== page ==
One of the doco’s most compelling segments focusses on the 2013 murder of NSW woman Kate Malonyay at the hands of her ex-boyfriend. Ferguson speaks to her mother, now a campaigner against domestic violence, and friends who explain the manipulation of Kate’s ex-boyfriend and the warning signs that were there.

The doco also speaks to forensic doctors and specialist police, and accesses crime scene video to give a sense of the brutal world existing in our suburbs and towns.

Clearly due to the sheer numbers imbalance, there is no time given to male victims of domestic abuse either in heterosexual or homosexual situations. I was also uncomfortable as two distressed interview subjects appeared to walk away from cameras, but continued to be recorded with their body mikes.

These are minor misgivings. The bulk of the doco is a confronting and important conversation, and will educate many.

At the heart of the problem are men who are out to control.

But the solution is one to which we must all contribute.

Hitting Home airs 8:30pm Tuesday and Wednesday on ABC, followed by a Q&A special hosted by Virginia Trioli at 9:30pm Wednesday.



3 Responses

  1. It was very light on actual statistics related to what Ferguson was describing. A domestic event in any even in a household or family setting, and that total is larger than the total number of assaults in Australia. Likewise total AVO is for more than domestic violence related AVOs.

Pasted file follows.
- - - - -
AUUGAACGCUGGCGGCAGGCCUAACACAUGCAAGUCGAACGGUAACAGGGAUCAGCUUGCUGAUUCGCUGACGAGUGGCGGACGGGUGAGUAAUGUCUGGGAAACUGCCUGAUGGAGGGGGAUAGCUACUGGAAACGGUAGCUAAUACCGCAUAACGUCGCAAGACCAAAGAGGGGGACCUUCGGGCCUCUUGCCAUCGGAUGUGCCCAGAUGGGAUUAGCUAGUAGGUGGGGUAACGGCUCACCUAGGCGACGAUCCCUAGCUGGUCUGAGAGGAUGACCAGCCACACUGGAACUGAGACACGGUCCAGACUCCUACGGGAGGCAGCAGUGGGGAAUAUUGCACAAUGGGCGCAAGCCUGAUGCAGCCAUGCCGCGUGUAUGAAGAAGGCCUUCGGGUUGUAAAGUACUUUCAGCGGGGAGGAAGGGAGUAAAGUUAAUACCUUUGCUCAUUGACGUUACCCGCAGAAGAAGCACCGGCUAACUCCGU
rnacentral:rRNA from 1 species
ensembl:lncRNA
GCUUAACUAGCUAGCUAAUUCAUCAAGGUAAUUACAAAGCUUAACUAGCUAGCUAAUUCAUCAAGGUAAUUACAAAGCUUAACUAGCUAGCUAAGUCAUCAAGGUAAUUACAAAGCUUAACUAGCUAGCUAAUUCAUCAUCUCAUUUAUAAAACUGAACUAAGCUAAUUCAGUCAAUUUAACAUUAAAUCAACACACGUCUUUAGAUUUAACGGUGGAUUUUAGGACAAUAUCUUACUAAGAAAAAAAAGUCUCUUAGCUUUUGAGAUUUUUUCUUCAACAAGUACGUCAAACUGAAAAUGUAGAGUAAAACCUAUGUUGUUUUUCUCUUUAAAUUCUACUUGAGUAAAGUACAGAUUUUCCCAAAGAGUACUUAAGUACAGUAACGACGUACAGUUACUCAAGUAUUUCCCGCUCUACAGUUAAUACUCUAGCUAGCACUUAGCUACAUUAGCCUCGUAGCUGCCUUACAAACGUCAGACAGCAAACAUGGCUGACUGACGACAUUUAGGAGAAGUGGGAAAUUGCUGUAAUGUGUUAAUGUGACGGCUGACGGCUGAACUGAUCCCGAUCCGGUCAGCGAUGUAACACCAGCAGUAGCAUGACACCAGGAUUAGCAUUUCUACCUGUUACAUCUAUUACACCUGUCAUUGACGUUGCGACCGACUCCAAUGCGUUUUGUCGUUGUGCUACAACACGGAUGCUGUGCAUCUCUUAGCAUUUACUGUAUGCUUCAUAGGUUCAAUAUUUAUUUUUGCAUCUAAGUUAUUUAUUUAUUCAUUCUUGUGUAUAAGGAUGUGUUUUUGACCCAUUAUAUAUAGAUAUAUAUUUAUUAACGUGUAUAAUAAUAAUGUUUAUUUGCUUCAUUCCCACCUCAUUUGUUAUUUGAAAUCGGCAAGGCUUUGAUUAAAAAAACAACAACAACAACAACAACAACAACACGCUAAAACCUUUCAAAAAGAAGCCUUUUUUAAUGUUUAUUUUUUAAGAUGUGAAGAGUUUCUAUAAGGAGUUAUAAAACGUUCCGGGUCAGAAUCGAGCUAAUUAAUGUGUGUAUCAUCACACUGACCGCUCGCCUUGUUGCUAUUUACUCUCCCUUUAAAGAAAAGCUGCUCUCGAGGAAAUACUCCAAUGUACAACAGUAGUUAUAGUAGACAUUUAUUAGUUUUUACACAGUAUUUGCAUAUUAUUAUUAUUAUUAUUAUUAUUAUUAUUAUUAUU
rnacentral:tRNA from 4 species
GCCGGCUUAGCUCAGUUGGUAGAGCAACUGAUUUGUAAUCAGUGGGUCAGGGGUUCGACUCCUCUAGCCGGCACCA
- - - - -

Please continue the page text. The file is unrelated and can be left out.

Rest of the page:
Rates of violent crimes across the spectrum have been declining for a decade. Nationally women make up just under half of all victims of assaults (Men make up most of the non-domestic victims). NSW police figures for family and domestic violence in 2014 report 19,488 domestic assaults against women and 9,261 against Men (about 2:1). The rate was 383 per 100,000 population. Fatalities were 4 per 1,000,000.

    Victorian conviction statistics show that 11% of assaults against women were by their sexual partner, 12% by an ex-partner, 24% by a friend or family member, the rest not by someone close to them…

    1. Thank you that perspective. As a male, I have been the victim of violence twice in recent years. Firstly attacked by a gang and badly injured in an incident for which the police had an independent witness but their apathy over the weeks that followed resulted in the witness having a change of mind about testifying. More recently I was attacked in broad daylight by a woman with a weapon, a complete stranger, unprovoked, out of the blue! I could only assume that she had mental issues. I didn’t report this attack to the police because after my previous experience I didn’t see the point.
      Family Violence is so well marketed as violence against women and children only that we are in danger of forgetting that men are victims too, and that women can be just as violent. Children are more likely to be killed by their mothers than anyone else.

  2. The Drum had Sarah Ferguson on tonight, and she gave a quick summary of the two episodes to come, giving the reasons why victims choose to stay with the perpetrators. She mentions that police are playing a great role in attending to DV calls, far from the old view of police disliking ‘domestics’, but the courts are still very trying for women.